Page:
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OUR MISSION: TO REDUCE THE BURDEN OF CARDIOVASCULAR DISEASE
Dr. Raphael Rosenhek,
With an ageing population and an increasing incidence of valvular heart disease, the number of patients presenting with more complex and multivalvular affection is becoming increasingly common. Combined valve disease was traditionally observed in rheumatic disease but is increasingly found in degenerative disease.
In the present session, issues of disease assessment and management were discussed based on two clinical cases. The first case was a patient with aortic stenosis and concomitant mitral regurgitation. The major pitfalls of this case included a reduction of forward stroke volume across the aortic valve due to the regurgitant volume through the mitral valve. With regard to decision-making, in the presence of an indication for aortic valve surgery, the severity of mitral regurgitation, its etiology (functional vs. organic) as well as the increased risk of surgery on a second valve needs to be considered.
The second case consisted of a significantly symptomatic patient with combined stenotic and regurgitant aortic valve disease. Based on a calculated aortic valve area of 1.3 cm2 and a peak aortic jet velocity of 4.3 m/s, aortic stenosis was quantified as moderate and aortic regurgitation as being severe. This case illustrates the fact that advanced symptoms may occur in multiple valve disease, although the contributing part of each single lesion is variable.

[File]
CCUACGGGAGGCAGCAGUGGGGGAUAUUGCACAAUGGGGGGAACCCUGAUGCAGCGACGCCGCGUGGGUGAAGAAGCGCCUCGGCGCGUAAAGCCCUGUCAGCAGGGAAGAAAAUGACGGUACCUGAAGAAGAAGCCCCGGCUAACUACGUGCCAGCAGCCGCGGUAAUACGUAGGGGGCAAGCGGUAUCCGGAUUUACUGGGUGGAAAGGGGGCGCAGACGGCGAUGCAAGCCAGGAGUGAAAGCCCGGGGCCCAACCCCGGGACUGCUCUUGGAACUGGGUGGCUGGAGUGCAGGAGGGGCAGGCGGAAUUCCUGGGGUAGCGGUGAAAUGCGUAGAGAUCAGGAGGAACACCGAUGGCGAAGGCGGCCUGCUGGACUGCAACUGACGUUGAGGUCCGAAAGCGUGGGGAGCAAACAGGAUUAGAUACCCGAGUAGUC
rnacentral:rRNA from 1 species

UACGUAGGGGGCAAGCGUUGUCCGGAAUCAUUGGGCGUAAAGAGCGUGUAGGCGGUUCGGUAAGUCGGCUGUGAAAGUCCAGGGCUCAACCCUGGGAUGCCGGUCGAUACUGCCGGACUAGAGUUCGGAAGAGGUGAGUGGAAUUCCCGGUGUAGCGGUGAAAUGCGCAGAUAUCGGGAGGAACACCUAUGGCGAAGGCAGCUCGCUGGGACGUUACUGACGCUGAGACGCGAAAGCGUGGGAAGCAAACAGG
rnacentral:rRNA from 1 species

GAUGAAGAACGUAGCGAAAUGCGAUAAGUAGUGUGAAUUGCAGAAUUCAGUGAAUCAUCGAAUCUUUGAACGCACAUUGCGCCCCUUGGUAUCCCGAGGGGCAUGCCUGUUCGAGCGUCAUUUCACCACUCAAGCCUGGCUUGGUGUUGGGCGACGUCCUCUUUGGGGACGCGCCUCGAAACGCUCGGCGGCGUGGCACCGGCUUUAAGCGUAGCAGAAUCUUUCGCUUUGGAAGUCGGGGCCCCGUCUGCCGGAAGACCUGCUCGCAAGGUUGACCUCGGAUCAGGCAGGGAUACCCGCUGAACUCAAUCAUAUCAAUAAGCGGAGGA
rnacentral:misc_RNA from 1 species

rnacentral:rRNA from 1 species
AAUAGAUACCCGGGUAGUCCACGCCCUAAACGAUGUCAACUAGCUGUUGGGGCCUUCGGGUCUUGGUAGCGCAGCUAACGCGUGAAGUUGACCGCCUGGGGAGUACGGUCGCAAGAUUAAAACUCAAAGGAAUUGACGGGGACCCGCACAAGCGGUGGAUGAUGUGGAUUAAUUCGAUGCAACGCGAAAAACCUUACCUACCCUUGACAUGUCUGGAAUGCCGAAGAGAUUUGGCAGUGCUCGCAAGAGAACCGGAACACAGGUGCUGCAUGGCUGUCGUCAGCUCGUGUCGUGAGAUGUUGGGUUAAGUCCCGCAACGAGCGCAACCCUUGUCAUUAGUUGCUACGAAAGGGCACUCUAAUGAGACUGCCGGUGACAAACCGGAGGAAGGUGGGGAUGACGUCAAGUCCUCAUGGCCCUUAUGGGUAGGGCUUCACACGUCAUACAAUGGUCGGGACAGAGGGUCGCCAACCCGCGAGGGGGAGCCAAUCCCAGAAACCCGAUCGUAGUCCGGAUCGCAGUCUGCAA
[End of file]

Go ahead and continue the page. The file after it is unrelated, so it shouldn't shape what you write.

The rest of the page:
Due to a lack of data, current guidelines are not able to provide evidence-based recommendations. In principle, recommendations for each single valve disease should be followed and the interactions between the different lesions have to be considered. Symptoms are an important factor that has to be considered in decision-making process. The decision to intervene on multiple valves should account for the extra surgical risk of combined procedures.
Decision making in patients with multivalvular disease
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